Armenian’s native son, Yuroz returns to his homeland to join H.E. Mr. Raymond Arayji, Lebanese Minister of Culture, Armenian ambassador, and the Armenian Genocide Centennial Central Committee of Lebanon to commemorate the 100 years since the Armenian Genocide through the cultural exhibit, “The Rebirth of a Nation”.
The violet forget-me-not flower, adopted as the symbol of the centennial of the Armenian Genocide, reminds all of the promise of humanity to heal and be reborn. As a true avant-garde in modern art, his combinations of light and movement in an enriched Cubist style, Yuroz’ art promotes healing, edifies human emotions, promotes peace and advocates for tolerance, the keys to the rebirth of a nation. When love and compassion are liberated, humanity recalls our divine qualities, bringing light and hope where darkness once reigned.
When addressing the Centennial, Armenian President Serzh Sargsyan expressed the grief of the Armenian people, “I am grateful to all those who are here to once again confirm your commitment to human values, to say nothing is forgotten, that after 100 years, we remember. Never again.” Pope Francis expressed great sorrow for the needless slaughter of 1.5 million Armenians in 1915 when addressing the Centennial, labelling the tragedy the “first genocide of the 20th century. Russian President Vladimir Putin said of the Centennial, “Today we mourn together with the Armenian people.” French President Francois Hollande promised, “We will never forget the tragedies that your people have endured.”
Twice commissioned by the United Nations Mural for Human Rights, Yuroz speaks quietly and powerfully to the greatest elements of humanity through his art. Yuroz pleads for humanity to decry genocide, mass atrocities, and hatred in favor of a celebration of life, love and creativity. Greg Bedian, Chair of The Armenian National Committee explains, “The only way to prevent future genocide is to raise awareness of what happened and how it happened.”
Yuroz issued an appeal for worldwide support for this necessary step to healing. This appeal is non- violent, non-vengeful but a necessity for the nation and their nationals to be able to move on to celebrate creativity and life. Yuroz concluded with a final appeal to end genocide and abolish mass atrocities worldwide as “no one should be persecuted for their religion, cult or creed, not now, not 100 years ago and certainly not in the future.”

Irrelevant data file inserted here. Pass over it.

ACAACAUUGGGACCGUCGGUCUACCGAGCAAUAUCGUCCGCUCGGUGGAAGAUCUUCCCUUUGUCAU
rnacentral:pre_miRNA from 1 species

Minister Arayji will open the event at the Beirut Exhibition Center on Monday the 4th of May at 7:00 pm with Yuroz in attendance and as guest speaker.
More information about Yuroz, visit yurozart.com.
Yuroz is a celebrated Los Angeles based master artist whose work spans across mediums and genres, and cuts through dimensional, geographical, economical, racial, political, philosophical and religious boundaries. Through his work, Yuroz, a painter and architect, celebrates romance, edifies human emotions, promotes peace, and advocates tolerance, encouraging healing and growth while liberating love and compassion.
Yuroz is the only living American artist who has his work hung in the Vatican’s permanent collection. “The Light of Compassion” honors the sainthood of Arcangelo Tadini, the Saint of the Working Woman, a masterpiece specially commissioned by Pope Benedict XVI’s Vatican office and unveiled at a ceremony where Pope Benedict XVI blessed the painting in Botticino Sera, Italy.
Twice commissioned by the United Nations to produce the United Nations Mural for Human Rights, Yuroz donated images from his murals, “Respect for Refugees” honoring the 50th anniversary in 2000, and “Human Rights” dedicated to Human Rights Education from 2004 were reproduced as stamps and released around the world. Several million of Yuroz’s stamps were sold around the world raising funds for the United Nations. These murals have travelled with Yuroz nationally and internationally in ongoing sponsored events to raise awareness and raise funds for the underprivileged and other humanitarian needs.